In May 2021 I spent two weeks developing the Ghoul project in a residence for artists called Almost Perfect. It’s run by illustrator Luis Mendo and business entrepreneur Yuka Mendo. The building itself is a 150 year old shop in downtown Tokyo, originally occupied by a family-owned rice business.
The concept behind the residency is ‘perfection is overrated’. In other words we should embrace the rough edges that give our art and our lives character. I particularly liked this idea as the Ghoul artworks up until that point had been clean and digital. I wanted to take them somewhere rough and tactile.
Luis and Yuka usually hosted international artists, while I lived less than an hour away. I went through their submission and interview process but was I cheating a bit? No one was travelling during the pandemic to compete with me for a place. Either way they agreed to host me, and it felt like a huge win for the project.
I moved in on Sunday the 9th and prepared to make lots of ghoulish things. One artwork, The Artifact, I promised to reveal to Luis and Yuka on the last day of my stay. Paco Martinez, a carpenter in Saitama, was going to build it and Hamish Campbell, a filmmaker, was going to help me create a film about it.
I also planned to do an installation in the gallery space; an artwork using materials I’d source from the local area; and keep a number of other Ghoul projects running that were being worked on by other members of the team.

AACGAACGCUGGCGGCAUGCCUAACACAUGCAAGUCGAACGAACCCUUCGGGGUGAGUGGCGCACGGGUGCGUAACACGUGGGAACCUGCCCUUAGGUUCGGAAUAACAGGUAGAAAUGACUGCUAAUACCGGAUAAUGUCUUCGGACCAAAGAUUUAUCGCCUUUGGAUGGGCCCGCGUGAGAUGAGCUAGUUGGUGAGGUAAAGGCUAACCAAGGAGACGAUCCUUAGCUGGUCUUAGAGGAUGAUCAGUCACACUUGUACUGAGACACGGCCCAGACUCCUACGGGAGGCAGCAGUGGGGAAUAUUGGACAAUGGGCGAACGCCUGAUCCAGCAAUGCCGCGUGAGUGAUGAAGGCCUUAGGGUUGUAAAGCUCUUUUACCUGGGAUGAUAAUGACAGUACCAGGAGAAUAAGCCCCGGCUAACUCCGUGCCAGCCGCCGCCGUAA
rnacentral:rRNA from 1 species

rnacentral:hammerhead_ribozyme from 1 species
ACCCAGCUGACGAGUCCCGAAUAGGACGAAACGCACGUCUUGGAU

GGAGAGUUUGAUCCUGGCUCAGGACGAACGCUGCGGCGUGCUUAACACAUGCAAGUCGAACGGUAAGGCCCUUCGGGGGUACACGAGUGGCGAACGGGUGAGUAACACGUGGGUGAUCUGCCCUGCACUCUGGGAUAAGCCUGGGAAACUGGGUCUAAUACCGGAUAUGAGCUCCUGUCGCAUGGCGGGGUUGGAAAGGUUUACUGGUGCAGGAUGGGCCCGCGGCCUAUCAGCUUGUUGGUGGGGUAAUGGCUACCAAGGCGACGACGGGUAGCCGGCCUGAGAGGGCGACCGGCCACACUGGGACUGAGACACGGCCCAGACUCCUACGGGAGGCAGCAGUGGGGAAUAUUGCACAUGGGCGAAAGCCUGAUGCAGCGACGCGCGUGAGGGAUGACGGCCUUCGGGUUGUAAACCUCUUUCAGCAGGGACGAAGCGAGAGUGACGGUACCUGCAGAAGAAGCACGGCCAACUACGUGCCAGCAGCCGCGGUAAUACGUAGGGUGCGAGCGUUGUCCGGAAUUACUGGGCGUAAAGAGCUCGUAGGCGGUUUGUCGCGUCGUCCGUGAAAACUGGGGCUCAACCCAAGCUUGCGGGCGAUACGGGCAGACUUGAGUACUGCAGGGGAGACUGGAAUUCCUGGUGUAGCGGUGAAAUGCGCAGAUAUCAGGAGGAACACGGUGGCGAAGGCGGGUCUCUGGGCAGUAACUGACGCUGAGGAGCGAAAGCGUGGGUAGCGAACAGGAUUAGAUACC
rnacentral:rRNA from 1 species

Then at dawn on Monday morning I had a distressing call from my wife – her father had passed away. Soon enough I was on the shinkansen heading 800km south to attend the funeral and spend time with the family.
I returned three days later and despite the hiatus managed to keep everything on track. For two weeks I did little else but work on my art, with the occasional bowl of pasta thrown in and a few winks of sleep.
One of the best aspects of the stay was getting acquainted with a part of Tokyo I otherwise wouldn’t have. The studio is in Okachimachi, which meant I was in walking distance to Akihabara, Ueno, and Asakusa. A sunny morning walk along the Sumida River beneath the towering silhouette of Tokyo Sky Tree, and a late night walk through Edo-esque Asakusa without another soul to be seen, were great moments.
During my stay I got to see the last Yamanote Yamanote exhibition, which had been showing at different Yamanote line train stations for 5 years and was sadly coming to a close. I met some great people – the Head of Instagram Japan, a Funko executive, photographers, architects, a theremin musician – and made new friends along the way.
I somehow managed to get everything done that I set out to do. The last day was so busy spent filiming the Artifact reveal that before I knew it was standing outside AP in the dark, handing over the keys and saying goodbye.
For anyone interested in doing a residency at Almost Perfect, put a submission together and submit it via the AP website. Check out the fantastic video introducing the space and its concept at almostperfect.jp/tokyo, which was shot and edited by one of the past artists in residence.
I stayed on the third floor in the Terrace Room, which I’d recommend as it has a terrace balcony for fresh air and is more separated from the workspace than the Tatami Room on the second floor. The building is old but charming, and the studio workspace on the second floor is full of artist’s tools and materials waiting to be put to use. If you have any questions feel free to ask.
The residency was a great first chapter in the Ghoul story.
Photo credit: First two photos taken by Veronika Ikonnikova